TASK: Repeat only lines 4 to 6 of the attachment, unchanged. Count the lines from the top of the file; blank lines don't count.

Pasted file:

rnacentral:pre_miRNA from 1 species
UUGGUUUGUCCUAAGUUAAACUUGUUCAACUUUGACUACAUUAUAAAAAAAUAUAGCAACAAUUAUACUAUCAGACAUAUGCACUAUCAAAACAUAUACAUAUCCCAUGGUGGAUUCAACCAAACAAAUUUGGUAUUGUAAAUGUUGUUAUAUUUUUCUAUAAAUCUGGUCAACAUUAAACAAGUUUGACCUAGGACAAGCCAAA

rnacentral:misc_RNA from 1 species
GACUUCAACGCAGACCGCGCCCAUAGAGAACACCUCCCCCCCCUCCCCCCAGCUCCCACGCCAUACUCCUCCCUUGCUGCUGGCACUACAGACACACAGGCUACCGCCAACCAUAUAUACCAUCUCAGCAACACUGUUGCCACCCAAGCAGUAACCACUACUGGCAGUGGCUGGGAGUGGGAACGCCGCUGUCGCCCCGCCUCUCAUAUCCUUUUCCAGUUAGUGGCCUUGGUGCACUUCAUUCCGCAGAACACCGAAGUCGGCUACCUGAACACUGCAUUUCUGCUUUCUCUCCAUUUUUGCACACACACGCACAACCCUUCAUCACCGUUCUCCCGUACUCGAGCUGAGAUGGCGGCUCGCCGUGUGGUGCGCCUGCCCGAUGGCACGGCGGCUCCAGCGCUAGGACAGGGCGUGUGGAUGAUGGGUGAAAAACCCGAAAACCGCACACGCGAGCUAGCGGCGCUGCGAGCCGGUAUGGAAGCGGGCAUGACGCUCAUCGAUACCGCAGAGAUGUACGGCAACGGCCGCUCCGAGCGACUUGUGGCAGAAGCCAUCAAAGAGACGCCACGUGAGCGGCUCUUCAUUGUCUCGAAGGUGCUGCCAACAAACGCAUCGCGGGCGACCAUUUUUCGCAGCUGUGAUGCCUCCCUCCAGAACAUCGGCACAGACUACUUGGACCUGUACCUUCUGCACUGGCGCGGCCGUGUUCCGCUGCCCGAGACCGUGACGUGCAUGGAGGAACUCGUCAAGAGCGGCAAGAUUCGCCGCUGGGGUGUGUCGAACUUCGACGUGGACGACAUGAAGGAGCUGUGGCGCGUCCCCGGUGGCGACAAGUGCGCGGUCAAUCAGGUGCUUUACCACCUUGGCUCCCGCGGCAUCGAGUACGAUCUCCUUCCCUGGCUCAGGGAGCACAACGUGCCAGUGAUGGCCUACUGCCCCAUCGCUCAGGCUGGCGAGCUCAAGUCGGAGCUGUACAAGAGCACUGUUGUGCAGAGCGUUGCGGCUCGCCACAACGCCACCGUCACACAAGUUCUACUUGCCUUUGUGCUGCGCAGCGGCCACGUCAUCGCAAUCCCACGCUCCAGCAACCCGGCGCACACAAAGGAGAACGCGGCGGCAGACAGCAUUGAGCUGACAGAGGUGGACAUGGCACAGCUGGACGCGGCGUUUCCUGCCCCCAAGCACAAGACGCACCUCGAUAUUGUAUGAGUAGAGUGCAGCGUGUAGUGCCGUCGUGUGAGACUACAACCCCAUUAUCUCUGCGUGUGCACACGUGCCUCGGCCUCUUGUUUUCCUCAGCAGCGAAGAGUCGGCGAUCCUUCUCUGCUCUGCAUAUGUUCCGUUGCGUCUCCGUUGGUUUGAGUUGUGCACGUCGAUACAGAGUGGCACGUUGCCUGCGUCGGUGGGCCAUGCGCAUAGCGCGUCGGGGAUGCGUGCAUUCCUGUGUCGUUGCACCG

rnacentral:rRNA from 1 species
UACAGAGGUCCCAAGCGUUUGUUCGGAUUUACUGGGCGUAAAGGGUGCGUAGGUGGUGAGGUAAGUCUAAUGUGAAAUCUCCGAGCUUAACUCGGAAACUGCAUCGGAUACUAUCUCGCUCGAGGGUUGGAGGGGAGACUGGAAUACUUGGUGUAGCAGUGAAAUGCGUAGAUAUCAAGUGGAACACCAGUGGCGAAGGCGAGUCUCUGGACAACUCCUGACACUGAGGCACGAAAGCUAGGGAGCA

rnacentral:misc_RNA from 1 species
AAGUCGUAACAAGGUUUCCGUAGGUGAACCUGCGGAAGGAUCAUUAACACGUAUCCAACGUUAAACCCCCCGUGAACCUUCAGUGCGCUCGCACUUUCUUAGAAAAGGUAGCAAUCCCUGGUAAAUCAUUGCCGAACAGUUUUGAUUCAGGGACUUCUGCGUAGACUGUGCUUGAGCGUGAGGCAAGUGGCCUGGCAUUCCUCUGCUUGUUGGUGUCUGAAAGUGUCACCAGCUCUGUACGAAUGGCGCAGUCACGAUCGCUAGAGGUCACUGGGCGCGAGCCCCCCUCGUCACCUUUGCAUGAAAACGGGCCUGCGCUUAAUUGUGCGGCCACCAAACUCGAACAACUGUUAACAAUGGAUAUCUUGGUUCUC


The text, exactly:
GACUUCAACGCAGACCGCGCCCAUAGAGAACACCUCCCCCCCCUCCCCCCAGCUCCCACGCCAUACUCCUCCCUUGCUGCUGGCACUACAGACACACAGGCUACCGCCAACCAUAUAUACCAUCUCAGCAACACUGUUGCCACCCAAGCAGUAACCACUACUGGCAGUGGCUGGGAGUGGGAACGCCGCUGUCGCCCCGCCUCUCAUAUCCUUUUCCAGUUAGUGGCCUUGGUGCACUUCAUUCCGCAGAACACCGAAGUCGGCUACCUGAACACUGCAUUUCUGCUUUCUCUCCAUUUUUGCACACACACGCACAACCCUUCAUCACCGUUCUCCCGUACUCGAGCUGAGAUGGCGGCUCGCCGUGUGGUGCGCCUGCCCGAUGGCACGGCGGCUCCAGCGCUAGGACAGGGCGUGUGGAUGAUGGGUGAAAAACCCGAAAACCGCACACGCGAGCUAGCGGCGCUGCGAGCCGGUAUGGAAGCGGGCAUGACGCUCAUCGAUACCGCAGAGAUGUACGGCAACGGCCGCUCCGAGCGACUUGUGGCAGAAGCCAUCAAAGAGACGCCACGUGAGCGGCUCUUCAUUGUCUCGAAGGUGCUGCCAACAAACGCAUCGCGGGCGACCAUUUUUCGCAGCUGUGAUGCCUCCCUCCAGAACAUCGGCACAGACUACUUGGACCUGUACCUUCUGCACUGGCGCGGCCGUGUUCCGCUGCCCGAGACCGUGACGUGCAUGGAGGAACUCGUCAAGAGCGGCAAGAUUCGCCGCUGGGGUGUGUCGAACUUCGACGUGGACGACAUGAAGGAGCUGUGGCGCGUCCCCGGUGGCGACAAGUGCGCGGUCAAUCAGGUGCUUUACCACCUUGGCUCCCGCGGCAUCGAGUACGAUCUCCUUCCCUGGCUCAGGGAGCACAACGUGCCAGUGAUGGCCUACUGCCCCAUCGCUCAGGCUGGCGAGCUCAAGUCGGAGCUGUACAAGAGCACUGUUGUGCAGAGCGUUGCGGCUCGCCACAACGCCACCGUCACACAAGUUCUACUUGCCUUUGUGCUGCGCAGCGGCCACGUCAUCGCAAUCCCACGCUCCAGCAACCCGGCGCACACAAAGGAGAACGCGGCGGCAGACAGCAUUGAGCUGACAGAGGUGGACAUGGCACAGCUGGACGCGGCGUUUCCUGCCCCCAAGCACAAGACGCACCUCGAUAUUGUAUGAGUAGAGUGCAGCGUGUAGUGCCGUCGUGUGAGACUACAACCCCAUUAUCUCUGCGUGUGCACACGUGCCUCGGCCUCUUGUUUUCCUCAGCAGCGAAGAGUCGGCGAUCCUUCUCUGCUCUGCAUAUGUUCCGUUGCGUCUCCGUUGGUUUGAGUUGUGCACGUCGAUACAGAGUGGCACGUUGCCUGCGUCGGUGGGCCAUGCGCAUAGCGCGUCGGGGAUGCGUGCAUUCCUGUGUCGUUGCACCG

rnacentral:rRNA from 1 species
UACAGAGGUCCCAAGCGUUUGUUCGGAUUUACUGGGCGUAAAGGGUGCGUAGGUGGUGAGGUAAGUCUAAUGUGAAAUCUCCGAGCUUAACUCGGAAACUGCAUCGGAUACUAUCUCGCUCGAGGGUUGGAGGGGAGACUGGAAUACUUGGUGUAGCAGUGAAAUGCGUAGAUAUCAAGUGGAACACCAGUGGCGAAGGCGAGUCUCUGGACAACUCCUGACACUGAGGCACGAAAGCUAGGGAGCA